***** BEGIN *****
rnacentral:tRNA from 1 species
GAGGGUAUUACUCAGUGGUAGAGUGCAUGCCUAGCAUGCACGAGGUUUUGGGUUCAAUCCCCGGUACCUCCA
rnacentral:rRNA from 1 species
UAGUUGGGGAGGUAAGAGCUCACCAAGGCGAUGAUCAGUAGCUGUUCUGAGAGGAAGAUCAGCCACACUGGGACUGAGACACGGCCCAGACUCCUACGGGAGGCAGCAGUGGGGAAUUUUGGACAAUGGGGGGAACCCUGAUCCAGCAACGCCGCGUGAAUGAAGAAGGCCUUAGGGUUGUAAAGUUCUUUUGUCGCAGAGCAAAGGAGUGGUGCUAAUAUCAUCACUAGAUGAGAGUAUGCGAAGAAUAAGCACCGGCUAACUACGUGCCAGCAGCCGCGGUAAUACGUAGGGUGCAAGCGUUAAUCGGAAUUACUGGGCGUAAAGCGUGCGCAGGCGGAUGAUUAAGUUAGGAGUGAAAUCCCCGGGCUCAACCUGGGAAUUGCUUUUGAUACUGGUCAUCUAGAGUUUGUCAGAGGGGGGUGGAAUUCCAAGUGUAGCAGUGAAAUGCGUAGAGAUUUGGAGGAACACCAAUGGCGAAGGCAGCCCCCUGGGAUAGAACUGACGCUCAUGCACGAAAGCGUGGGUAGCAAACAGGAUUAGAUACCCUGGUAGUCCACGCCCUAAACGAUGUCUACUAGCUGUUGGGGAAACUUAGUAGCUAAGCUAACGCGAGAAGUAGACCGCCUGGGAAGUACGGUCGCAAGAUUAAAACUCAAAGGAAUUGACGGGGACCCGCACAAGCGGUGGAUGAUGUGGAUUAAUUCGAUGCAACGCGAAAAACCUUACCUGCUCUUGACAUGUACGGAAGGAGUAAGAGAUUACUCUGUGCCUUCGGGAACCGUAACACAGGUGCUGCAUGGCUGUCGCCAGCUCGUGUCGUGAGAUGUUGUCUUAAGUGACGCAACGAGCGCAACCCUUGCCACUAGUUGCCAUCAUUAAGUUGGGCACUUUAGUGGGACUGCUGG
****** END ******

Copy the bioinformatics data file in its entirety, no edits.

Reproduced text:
rnacentral:tRNA from 1 species
GAGGGUAUUACUCAGUGGUAGAGUGCAUGCCUAGCAUGCACGAGGUUUUGGGUUCAAUCCCCGGUACCUCCA
rnacentral:rRNA from 1 species
UAGUUGGGGAGGUAAGAGCUCACCAAGGCGAUGAUCAGUAGCUGUUCUGAGAGGAAGAUCAGCCACACUGGGACUGAGACACGGCCCAGACUCCUACGGGAGGCAGCAGUGGGGAAUUUUGGACAAUGGGGGGAACCCUGAUCCAGCAACGCCGCGUGAAUGAAGAAGGCCUUAGGGUUGUAAAGUUCUUUUGUCGCAGAGCAAAGGAGUGGUGCUAAUAUCAUCACUAGAUGAGAGUAUGCGAAGAAUAAGCACCGGCUAACUACGUGCCAGCAGCCGCGGUAAUACGUAGGGUGCAAGCGUUAAUCGGAAUUACUGGGCGUAAAGCGUGCGCAGGCGGAUGAUUAAGUUAGGAGUGAAAUCCCCGGGCUCAACCUGGGAAUUGCUUUUGAUACUGGUCAUCUAGAGUUUGUCAGAGGGGGGUGGAAUUCCAAGUGUAGCAGUGAAAUGCGUAGAGAUUUGGAGGAACACCAAUGGCGAAGGCAGCCCCCUGGGAUAGAACUGACGCUCAUGCACGAAAGCGUGGGUAGCAAACAGGAUUAGAUACCCUGGUAGUCCACGCCCUAAACGAUGUCUACUAGCUGUUGGGGAAACUUAGUAGCUAAGCUAACGCGAGAAGUAGACCGCCUGGGAAGUACGGUCGCAAGAUUAAAACUCAAAGGAAUUGACGGGGACCCGCACAAGCGGUGGAUGAUGUGGAUUAAUUCGAUGCAACGCGAAAAACCUUACCUGCUCUUGACAUGUACGGAAGGAGUAAGAGAUUACUCUGUGCCUUCGGGAACCGUAACACAGGUGCUGCAUGGCUGUCGCCAGCUCGUGUCGUGAGAUGUUGUCUUAAGUGACGCAACGAGCGCAACCCUUGCCACUAGUUGCCAUCAUUAAGUUGGGCACUUUAGUGGGACUGCUGG